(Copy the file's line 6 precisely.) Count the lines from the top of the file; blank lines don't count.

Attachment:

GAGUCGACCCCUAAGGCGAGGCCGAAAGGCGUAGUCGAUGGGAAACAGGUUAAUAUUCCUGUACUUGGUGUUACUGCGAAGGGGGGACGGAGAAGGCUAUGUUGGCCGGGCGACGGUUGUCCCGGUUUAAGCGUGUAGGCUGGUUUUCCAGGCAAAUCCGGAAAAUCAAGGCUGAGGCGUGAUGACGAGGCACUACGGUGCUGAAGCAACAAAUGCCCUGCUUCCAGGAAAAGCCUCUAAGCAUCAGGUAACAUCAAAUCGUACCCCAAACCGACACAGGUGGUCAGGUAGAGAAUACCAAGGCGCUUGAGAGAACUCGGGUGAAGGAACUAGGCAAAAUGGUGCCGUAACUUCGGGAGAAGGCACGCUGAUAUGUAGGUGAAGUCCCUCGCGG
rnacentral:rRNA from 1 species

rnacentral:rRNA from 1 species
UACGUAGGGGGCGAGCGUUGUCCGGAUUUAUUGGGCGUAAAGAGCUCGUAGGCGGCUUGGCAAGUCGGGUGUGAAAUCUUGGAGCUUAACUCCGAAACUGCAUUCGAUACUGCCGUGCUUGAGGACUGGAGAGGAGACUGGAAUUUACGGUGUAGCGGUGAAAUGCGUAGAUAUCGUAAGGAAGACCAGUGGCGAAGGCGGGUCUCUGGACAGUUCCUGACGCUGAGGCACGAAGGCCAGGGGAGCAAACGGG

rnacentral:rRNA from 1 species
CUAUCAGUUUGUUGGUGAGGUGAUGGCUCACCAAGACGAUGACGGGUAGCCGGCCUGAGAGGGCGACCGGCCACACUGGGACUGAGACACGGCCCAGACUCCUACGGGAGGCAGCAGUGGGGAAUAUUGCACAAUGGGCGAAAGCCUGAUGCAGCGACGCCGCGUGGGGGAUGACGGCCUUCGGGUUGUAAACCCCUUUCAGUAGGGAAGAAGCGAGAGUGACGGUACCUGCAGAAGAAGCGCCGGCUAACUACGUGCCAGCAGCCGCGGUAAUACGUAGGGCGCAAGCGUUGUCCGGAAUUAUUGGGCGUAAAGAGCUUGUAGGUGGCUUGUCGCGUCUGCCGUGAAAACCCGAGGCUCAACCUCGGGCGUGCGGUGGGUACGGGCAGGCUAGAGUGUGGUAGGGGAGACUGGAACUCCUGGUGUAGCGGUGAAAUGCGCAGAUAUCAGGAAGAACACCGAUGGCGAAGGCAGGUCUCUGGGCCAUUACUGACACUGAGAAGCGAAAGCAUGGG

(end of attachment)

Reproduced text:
CUAUCAGUUUGUUGGUGAGGUGAUGGCUCACCAAGACGAUGACGGGUAGCCGGCCUGAGAGGGCGACCGGCCACACUGGGACUGAGACACGGCCCAGACUCCUACGGGAGGCAGCAGUGGGGAAUAUUGCACAAUGGGCGAAAGCCUGAUGCAGCGACGCCGCGUGGGGGAUGACGGCCUUCGGGUUGUAAACCCCUUUCAGUAGGGAAGAAGCGAGAGUGACGGUACCUGCAGAAGAAGCGCCGGCUAACUACGUGCCAGCAGCCGCGGUAAUACGUAGGGCGCAAGCGUUGUCCGGAAUUAUUGGGCGUAAAGAGCUUGUAGGUGGCUUGUCGCGUCUGCCGUGAAAACCCGAGGCUCAACCUCGGGCGUGCGGUGGGUACGGGCAGGCUAGAGUGUGGUAGGGGAGACUGGAACUCCUGGUGUAGCGGUGAAAUGCGCAGAUAUCAGGAAGAACACCGAUGGCGAAGGCAGGUCUCUGGGCCAUUACUGACACUGAGAAGCGAAAGCAUGGG